Some travelers have an innate ability to arrive in a place and truly understand its magic, even when most people can’t quite see it yet. It’s a rare and instinctual quality held by Paris-based designer, Christian Louboutin. He may have built an empire on his red-soled shoes, but it’s the way he connects to the world as a traveler that has enriched him in, perhaps, more important ways.

The River Nile, Luxor, Egypt.

The son of a stay-at-home mother and carpenter father, Louboutin dropped out of school as a teenager and fled France for extended stays in India and Egypt. Egypt, in particular, instantly captured his heart and has remained a beloved getaway, despite the recent years of conflict. Louboutin owns a country house near Luxor (as well as a traditional dahabeah boat made for cruising the Nile), which he has filled with antiques and finds from across the globe: a tiled Moroccan dining table, furniture hand-beaded in Cameroon, and piles of vintage Egyptian fashion magazines.

Many years after his first visit to Egypt—but before he became a household name—Louboutin was introduced to another country by his then-partner, the landscape architect Louis Benech, that continues to play a prominent role in his life: Portugal. Many travelers, especially the French, had not even considered visiting the country. “After the revolution in 1974, people would not go there. For Europeans, it was considered the younger, poorer brother of Spain,” he says. “And because a lot of Portuguese migrated north, including to France, there was a form of racism against Portugal. People wouldn’t go, so it was a gem for the longest time.”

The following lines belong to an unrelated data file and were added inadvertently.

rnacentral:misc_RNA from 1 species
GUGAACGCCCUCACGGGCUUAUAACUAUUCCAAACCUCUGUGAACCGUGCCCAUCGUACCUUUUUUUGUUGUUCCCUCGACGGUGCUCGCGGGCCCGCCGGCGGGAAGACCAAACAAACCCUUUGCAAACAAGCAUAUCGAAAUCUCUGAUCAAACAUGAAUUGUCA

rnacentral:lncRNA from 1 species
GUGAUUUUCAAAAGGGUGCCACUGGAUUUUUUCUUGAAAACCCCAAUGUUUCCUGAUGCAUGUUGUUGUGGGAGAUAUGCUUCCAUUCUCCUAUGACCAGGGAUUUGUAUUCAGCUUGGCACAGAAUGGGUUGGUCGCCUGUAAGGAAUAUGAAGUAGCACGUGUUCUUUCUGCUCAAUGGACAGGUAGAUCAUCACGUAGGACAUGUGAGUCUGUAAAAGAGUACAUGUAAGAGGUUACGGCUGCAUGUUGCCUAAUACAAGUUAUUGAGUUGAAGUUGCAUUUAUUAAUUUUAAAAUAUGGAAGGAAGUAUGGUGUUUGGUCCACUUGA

Louboutin recognized the country’s charms from the start. His visits became more frequent, leading him to purchase an apartment in Lisbon and a home in the then-empty, now-overrun beach town of Comporta. Once other travelers began descending on the formerly desolate stretch of coast, he decamped further south, to the village of Melides, where he now owns a compound of bungalows reachable by an unpaved road.

The living room of Christian's home in Melides, Portugal.

To understand Louboutin’s affection for Portugal, one only needs to look at his recent Portugaba collection, which honors various traditional artisan techniques used in villages across the country. While his global adventures have informed his designs, the inspiration is often unintentional. “I travel because I’m curious,” Louboutin says. “I never go to a place intending to do a collection inspired by it. When I see things, I’m not thinking about them in terms of work. It’s only after when I can reflect back.”

Tell us about your connection with Portugal. When did you begin traveling there? It all started with my friend Louis about 25 years ago. He lived in New York but would visit Comporta with his mother for the holidays, so I would go with them. At the time there was nothing there—it was really, really pretty. About 15 years ago, Louis moved to Portugal so I continued to visit him, and then I would go for two weeks every summer, and eventually bought a house there. But Comporta became this really busy, va-va-voom place, and I started to hate it. So five years ago I moved down south to Melides. It’s the same coast, but much slower—there’s nothing there.